​Pegfilgrastim and Pegasys (Peginterferon) are two very different medications meant to treat different conditions. Yet the similarities between the two drugs’ names nearly resulted in a medication error.

Senior Staff Nurse (SSN) Yvonne Tan had just started her shift and was looking through her patient’s details in the Citrix system when she noticed that the morning round Medical Officer (MO) had prescribed Pegasys, or Peginterferon, a drug meant to treat patients with chronic hepatitis B or C.

The only thing is her patient did not have any pre-existing liver conditions.

Sensing that the MO might have mixed the medication order up with the patient’s original prescription of Pegfilgrastim, SSN Tan immediately checked the case notes and with the morning staff nurse in-charge.

Once she had ascertained that it was indeed an erroneous order, she quickly alerted the medical team on call to rectify the order. The team later found that the mistake was caused by a selection error between the two similar drug names.

“My first priority is always to ensure the safety of the patient. This means conscientiously looking through the Citrix system before taking over the shift and making it a point to familiarise myself with my patient’s condition,” said SSN Tan.

Other than sharing this learning experience at nursing roll call, the case has also been reported in SGH’s Risk Management System (RMS).

Dr Ho Le Onn, Assistant Director, Clinical Governance, SGH, shared that the hospital is constantly reviewing processes and systems to better differentiate similar drugs. Currently, similar drugs, once identified, are appropriately labelled with stickers and stored at different locations to prevent mix-ups. In addition, a list of high-risk drugs prone to frequent error is highlighted in a list on infopedia as reinforcement and reference for staff.

He added, “For the purpose of prescribing, the current Sunrise Clinical Manager (SCM) highlights lookalike drugs using Tall Man Lettering*. We are also considering implementing a new framework within the ordering system where drug indications are included in parenthesis next to the lookalike drug names.”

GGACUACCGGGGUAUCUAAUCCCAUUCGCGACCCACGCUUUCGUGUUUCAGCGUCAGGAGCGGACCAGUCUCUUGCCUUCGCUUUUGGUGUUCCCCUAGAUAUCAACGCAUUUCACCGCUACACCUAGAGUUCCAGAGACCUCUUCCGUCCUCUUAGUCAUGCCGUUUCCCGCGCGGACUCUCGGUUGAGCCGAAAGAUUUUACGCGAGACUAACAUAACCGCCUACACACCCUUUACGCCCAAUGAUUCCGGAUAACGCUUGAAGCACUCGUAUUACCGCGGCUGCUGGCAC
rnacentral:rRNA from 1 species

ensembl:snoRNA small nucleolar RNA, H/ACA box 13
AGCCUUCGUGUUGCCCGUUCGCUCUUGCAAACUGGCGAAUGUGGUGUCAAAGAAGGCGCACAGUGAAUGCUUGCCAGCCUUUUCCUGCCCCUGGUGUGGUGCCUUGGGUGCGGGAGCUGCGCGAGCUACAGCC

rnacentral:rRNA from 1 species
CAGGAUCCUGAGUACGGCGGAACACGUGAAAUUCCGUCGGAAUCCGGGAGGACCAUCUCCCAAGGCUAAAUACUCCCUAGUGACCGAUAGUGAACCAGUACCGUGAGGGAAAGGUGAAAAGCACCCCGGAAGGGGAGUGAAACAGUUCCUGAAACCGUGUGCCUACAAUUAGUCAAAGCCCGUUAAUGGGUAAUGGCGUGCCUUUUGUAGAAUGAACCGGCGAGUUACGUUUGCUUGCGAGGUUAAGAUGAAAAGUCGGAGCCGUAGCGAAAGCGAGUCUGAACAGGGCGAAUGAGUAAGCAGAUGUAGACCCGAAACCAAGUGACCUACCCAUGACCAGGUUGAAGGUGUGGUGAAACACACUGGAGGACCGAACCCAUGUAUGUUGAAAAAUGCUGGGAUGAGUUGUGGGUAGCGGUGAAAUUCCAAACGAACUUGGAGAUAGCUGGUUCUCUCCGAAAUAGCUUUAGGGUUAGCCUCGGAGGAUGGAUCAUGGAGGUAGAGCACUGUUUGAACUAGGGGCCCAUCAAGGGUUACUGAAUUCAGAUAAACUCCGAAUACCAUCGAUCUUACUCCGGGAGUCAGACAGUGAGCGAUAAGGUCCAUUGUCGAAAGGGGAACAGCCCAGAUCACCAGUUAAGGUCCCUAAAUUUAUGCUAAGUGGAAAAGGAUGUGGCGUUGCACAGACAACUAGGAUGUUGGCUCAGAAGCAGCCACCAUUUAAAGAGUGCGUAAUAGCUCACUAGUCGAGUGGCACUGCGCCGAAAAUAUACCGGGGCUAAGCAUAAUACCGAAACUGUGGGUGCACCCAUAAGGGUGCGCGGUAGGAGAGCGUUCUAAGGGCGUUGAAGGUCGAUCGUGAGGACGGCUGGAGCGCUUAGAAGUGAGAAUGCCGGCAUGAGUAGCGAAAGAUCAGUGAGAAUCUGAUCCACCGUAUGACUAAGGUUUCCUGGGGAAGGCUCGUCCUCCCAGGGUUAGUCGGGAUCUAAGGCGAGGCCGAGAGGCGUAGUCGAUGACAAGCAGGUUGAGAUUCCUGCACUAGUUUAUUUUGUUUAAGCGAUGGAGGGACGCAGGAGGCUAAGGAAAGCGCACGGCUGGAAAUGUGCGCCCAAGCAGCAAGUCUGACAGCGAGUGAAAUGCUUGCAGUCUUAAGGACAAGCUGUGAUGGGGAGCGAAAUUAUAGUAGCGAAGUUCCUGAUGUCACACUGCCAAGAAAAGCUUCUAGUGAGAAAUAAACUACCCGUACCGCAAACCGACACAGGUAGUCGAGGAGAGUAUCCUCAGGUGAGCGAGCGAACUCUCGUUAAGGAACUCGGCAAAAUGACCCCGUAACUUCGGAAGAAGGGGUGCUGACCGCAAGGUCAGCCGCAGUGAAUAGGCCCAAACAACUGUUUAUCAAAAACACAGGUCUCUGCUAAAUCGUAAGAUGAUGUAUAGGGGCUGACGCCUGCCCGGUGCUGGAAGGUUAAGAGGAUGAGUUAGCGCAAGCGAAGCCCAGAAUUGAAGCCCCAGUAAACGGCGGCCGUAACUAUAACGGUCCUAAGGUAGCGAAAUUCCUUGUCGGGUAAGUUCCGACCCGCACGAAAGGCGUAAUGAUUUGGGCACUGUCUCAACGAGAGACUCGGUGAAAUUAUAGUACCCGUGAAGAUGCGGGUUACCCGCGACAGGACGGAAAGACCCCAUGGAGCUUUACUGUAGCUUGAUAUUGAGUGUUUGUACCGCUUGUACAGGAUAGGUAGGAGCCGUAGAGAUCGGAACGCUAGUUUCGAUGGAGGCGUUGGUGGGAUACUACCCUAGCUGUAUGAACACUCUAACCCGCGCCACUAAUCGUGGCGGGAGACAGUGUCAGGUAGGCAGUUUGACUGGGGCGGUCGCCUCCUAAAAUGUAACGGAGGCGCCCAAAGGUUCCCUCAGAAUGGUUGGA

On the reporting of error-prone areas in our healthcare system, Dr Ho echoes SGH Chief Quality Officer, Prof Tan Ban Hock’s sentiments that “you do not need to know that you are right, but only need to feel that something is wrong”. As long as something feels amiss, one should not hesitate to speak up.

In the meantime, thanks to SSN Tan’s vigilance, a good catch was made, and a potential harm to the patient was averted. Indeed, each member of the team can play “gatekeeper” to preventable harm. In comparison to the repercussions of a medical error on the patient and those involved, it is little effort to help each other spot good catches and learn from them!

*Tall Man Lettering - the practice of writing part of a drug's name in upper case letters to help distinguish sound-alike, look-alike drugs from one another.

SSN Yvonne Tan is a recipient of the SingHealth Family Target Zero Harm Award. The Award recognises healthcare staff who have significantly raised the standards of patient safety, eliminated preventable errors and spoke up against unsafe practices in the hospitals and clinics.

This year, the Award was presented to ten individual nurses and two nurse-led teams from KKH, NHCS, NCCS and SGH.